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Patch Your Network: A Third Step in Security
This blog is a continuation of the Prevention blog series. The first blog, "Four Tips to Secure Your Network," discussed prevention and four tips to use to immediately help secure your network. The second blog, "Scan Your Network: A First Step in Security," was the first of four steps to assist with security, and discussed ways to scan your network. The third blog, "Secure Your Network: A Second Step in Security," covered the second step with ways to secure your network. This fourth blog will discuss the third step and how to patch your network. Links to the other blogs will be provided as they are... read more >
FireEye acted quickly to close a serious vulnerability in some appliances
On Tuesday, December 15, 2015, FireEye, a worldwide provider of cybersecurity and malware protection to clients in the public and private sectors, issued a Support Notice to its clients regarding a critical vulnerability in a module which analyzes Java Archive (JAR) files.
Google’s Project Zero, a team dedicated to finding new vulnerabilities, discovered this severe security hole in the way the Malware Input Processor (MIP) utilizes an open source Java decompiler called Java Optimize and Decompile Environment (JODE). MIP uses the JODE decompiler in conjunction with JAR helper to statically analyze JAR files and check for signatures which may suggest malicious code. JODE is then used by Java’s SimpleRuntimeEnvironment class to deobfuscate strings by dynamically executing a small sample of the bytecode.
Affected... read more >
Flash continues to pose a significant threat
Again with the Flash.
It seems like only yesterday I wrote a blog about a critical patch for Adobe Flash Player. And suddenly this week we have more. Yeah, not only is it yet another Flash vulnerability, it is multiple CVEs, with CVSS scores of 10 – with a high impact (execute arbitrary code or DoS), and simple to exploit. Actually, given the way Flash has been doing so far this year, it seems like that is more like “about every 35.5 hours” we would see a new Flash vulnerability.
Think about that.
“Every 35.5 hours.”
Actively patching can help remove active, known vulnerabilities
There is no “silver bullet” to security. No single, one security control which will answer all of our security woes.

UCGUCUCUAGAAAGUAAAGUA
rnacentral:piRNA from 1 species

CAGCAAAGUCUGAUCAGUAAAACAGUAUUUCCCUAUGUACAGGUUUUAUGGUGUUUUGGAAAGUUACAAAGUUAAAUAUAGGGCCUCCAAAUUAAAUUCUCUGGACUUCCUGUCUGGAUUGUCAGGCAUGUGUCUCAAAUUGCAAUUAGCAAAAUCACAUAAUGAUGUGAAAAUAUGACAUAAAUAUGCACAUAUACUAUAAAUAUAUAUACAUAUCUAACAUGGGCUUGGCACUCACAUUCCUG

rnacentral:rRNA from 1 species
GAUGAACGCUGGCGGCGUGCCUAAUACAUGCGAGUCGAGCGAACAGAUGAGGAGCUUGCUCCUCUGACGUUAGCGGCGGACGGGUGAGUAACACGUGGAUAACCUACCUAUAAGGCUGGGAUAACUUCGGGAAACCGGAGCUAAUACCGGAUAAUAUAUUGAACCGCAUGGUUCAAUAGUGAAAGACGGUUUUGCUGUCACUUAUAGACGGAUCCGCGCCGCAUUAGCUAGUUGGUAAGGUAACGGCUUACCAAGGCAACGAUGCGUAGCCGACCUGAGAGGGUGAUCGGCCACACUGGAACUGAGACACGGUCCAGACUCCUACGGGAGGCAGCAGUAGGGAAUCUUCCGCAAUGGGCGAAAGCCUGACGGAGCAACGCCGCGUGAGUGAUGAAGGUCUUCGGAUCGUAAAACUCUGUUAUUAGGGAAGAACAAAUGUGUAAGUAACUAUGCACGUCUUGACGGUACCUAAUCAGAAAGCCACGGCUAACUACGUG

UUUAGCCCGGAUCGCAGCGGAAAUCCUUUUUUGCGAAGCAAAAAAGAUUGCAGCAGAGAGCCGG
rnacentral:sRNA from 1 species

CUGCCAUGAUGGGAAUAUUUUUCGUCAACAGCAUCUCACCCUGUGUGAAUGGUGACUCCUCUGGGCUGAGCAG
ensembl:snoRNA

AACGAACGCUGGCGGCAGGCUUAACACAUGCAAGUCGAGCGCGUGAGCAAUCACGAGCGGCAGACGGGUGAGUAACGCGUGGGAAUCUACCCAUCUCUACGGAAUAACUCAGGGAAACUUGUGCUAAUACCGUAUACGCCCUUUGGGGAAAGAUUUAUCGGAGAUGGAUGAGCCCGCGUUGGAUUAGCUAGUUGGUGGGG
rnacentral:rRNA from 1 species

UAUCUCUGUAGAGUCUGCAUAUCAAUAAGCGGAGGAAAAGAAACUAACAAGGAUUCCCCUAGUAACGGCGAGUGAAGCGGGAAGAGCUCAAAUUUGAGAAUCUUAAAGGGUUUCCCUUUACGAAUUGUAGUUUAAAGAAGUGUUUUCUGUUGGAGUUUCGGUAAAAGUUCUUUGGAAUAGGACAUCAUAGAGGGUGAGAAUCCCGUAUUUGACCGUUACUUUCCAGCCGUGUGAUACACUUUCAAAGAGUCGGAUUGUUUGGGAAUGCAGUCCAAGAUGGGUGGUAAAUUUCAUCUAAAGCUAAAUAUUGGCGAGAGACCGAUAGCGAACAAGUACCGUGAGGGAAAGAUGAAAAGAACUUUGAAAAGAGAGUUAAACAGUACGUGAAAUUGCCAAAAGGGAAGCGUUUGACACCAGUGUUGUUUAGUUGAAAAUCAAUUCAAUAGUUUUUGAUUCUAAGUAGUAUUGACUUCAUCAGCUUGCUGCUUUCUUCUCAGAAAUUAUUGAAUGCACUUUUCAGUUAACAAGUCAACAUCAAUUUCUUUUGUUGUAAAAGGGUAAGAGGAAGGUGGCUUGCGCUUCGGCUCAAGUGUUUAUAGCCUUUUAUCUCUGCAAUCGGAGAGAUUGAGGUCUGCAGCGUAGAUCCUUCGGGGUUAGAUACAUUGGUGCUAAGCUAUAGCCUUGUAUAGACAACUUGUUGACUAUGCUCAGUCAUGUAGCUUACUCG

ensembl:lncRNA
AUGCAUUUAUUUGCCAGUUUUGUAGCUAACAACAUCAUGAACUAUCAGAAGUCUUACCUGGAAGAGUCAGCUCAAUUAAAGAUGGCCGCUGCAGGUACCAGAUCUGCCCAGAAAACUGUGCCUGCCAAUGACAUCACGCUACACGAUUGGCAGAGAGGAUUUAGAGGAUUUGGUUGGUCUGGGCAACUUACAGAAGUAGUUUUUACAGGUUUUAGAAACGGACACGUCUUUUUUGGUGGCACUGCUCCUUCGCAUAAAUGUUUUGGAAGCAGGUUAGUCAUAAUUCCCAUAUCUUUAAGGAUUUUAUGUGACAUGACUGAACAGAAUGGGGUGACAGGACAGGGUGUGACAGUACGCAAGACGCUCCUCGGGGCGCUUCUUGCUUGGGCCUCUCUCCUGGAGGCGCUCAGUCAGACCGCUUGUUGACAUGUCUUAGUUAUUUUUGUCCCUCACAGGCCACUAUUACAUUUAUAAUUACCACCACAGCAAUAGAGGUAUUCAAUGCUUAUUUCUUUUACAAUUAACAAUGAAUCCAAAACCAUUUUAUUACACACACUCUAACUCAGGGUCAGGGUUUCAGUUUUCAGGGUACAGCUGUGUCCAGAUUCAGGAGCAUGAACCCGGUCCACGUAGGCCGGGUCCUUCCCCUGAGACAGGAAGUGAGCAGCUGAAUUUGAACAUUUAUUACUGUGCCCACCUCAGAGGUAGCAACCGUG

But, time and time again, we hear of vulnerabilities which are affecting organizations, right now. A good example is the Adobe Flash Player vulnerability (CVE-2015-3113). If you check the details for the vulnerability, you can see that it has a CVSS score of 10. You can also see that it has been actively exploited in the wild; meaning attackers have been using it, and are using it right now.
This is a client system vulnerability. Adobe Flash Player runs on the user workstation. We all know that it can be difficult to keep all systems current, especially in a heterogeneous, geographically distributed environment.
But, Adobe has released a patch for this vulnerability, and applying that patch can remove a current, known threat from your environment. For more... read more >
Here's the Cliff's Notes version of this week's announcement from the OpenSSL Project:
- Information that OpenSSL is releasing patches for high severity vulnerability
- The Internet "OH NO THE INTERNET IS COMING TO AN END!"
- Patches released
- It wasn't a big deal
Here's the extended version:
Early this week, information came out that the OpenSSL Project was going to release patches for a "high severity" vulnerability, along with multiple others. Of course, at the time, there were no additional details. Cue the Internet, in usual form, expounding how this was going to be the next Heartbleed.
"Well, I've been to one world fair, a picnic, and a rodeo, and that's the stupidest thing I ever heard come over a set of earphones. You sure you got today's codes?" Major T.J. "King" Kong
The logical side, on the other hand, figured out that there isn't much we could do until there was actual information available.... read more >